Albert Einstein eloquently captures it “A human being is a part of the whole called by us universe, a part limited in time and space. He experiences himself, his thoughts and feeling as something separated from the rest, a kind of optical delusion of his consciousness. This delusion is a kind of prison for us, restricting us to our personal desires and to affection for a few persons nearest to us. Our task must be to free ourselves from this prison by widening our circle of compassion to embrace all living creatures and the whole of nature in its beauty.”
Humans crave connections. As children, we thrive under the care of our parents and the support of our peers. In our communities and workplace, we become the best version of ourselves through meaningful relationships. Studies even show that strong social connections increase lifespan by 50%, strengthen our immune system and promote faster recovery from illnesses. Communities and families used to be tightly-knit. However, as societies become more developed and we begin to rely more on ourselves than in our communities, loneliness and isolation have become increasingly common.
The Silent Epidemic
Loneliness is a growing epidemic – a silent one at that. Individuals who are going through tough times tend to disregard how they are feeling and look for ways to distract themselves from their emotional state. This leaves more and more people feeling isolated and lacking of adequate social connections. We are in the most technologically connected era, yet cases of depression and loneliness have doubled since 1980. A survey conducted to 2000 Americans showed that 72% of the participants experience loneliness and one-third say they feel lonely at least once a week.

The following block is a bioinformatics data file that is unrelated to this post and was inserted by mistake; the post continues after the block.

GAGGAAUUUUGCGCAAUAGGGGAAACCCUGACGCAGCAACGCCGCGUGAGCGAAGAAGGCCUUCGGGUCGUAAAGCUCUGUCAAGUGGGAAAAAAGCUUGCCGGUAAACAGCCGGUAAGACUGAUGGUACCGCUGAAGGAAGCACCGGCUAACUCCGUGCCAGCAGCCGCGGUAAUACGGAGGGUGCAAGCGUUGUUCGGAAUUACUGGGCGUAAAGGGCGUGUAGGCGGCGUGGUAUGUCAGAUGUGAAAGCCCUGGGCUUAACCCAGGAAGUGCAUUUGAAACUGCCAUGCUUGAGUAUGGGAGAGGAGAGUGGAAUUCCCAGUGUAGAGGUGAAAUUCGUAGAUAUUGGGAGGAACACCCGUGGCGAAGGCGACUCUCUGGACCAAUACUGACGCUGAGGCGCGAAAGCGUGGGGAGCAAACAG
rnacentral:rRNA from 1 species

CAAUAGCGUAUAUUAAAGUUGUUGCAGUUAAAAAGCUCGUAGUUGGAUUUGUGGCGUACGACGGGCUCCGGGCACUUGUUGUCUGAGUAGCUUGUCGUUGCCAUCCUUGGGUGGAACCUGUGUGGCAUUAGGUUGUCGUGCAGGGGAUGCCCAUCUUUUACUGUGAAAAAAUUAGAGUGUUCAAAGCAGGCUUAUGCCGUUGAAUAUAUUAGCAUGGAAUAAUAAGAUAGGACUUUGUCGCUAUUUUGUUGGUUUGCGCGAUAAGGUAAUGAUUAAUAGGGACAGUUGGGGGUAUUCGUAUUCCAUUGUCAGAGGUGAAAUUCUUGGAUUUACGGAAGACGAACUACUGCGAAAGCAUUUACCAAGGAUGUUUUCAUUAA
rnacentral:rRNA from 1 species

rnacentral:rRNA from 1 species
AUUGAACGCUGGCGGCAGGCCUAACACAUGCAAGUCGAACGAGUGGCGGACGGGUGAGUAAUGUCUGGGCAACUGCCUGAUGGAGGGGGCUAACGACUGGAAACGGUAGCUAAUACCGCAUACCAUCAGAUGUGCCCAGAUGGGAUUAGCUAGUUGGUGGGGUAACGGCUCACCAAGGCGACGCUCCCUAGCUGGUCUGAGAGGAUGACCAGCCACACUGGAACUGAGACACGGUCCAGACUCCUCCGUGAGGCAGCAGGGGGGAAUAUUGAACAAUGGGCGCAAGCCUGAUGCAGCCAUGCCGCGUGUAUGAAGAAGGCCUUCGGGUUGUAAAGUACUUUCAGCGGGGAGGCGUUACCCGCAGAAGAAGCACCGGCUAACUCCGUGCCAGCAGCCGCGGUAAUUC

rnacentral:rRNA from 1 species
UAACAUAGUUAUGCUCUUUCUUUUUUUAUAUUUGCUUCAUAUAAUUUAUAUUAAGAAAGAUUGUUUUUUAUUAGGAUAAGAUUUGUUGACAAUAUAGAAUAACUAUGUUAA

There is a good reason to be alarmed – loneliness has been found to contribute to a growing number of afflictions. Studies show that loneliness and isolation decrease human life span, similar to that of smoking 15 cigarettes per day. It is associated with obesity as loneliness triggers stress and increases cortisol levels in the body. High cortisol levels can cause the body to seek comfort from food which may result to weight gain. Loneliness also increases the risk of cardiovascular diseases, dementia, depression, anxiety, and substance abuse.
Realizing the physiological and psychological toll loneliness can impose on us, it is in our best interest to ensure that we are making enough authentic and meaningful connections.
Creating Connections Start Here
With social and dating apps like Facebook, Instagram, Meetup, and Tinder at our disposal, connections have become mere statistics – people have become just another virtual friend added to your growing list. Before the advent of social media and smartphones, people went out of their way to create and establish relationships. This is because authentic and meaningful connections require effort and take time to develop. We need to retrace our steps and go back to these long-forgotten avenues.
- Join a club or volunteer organization. Helping others is the best antidote to loneliness. The sense of purpose one gets from helping another soul will help uplift your spirit.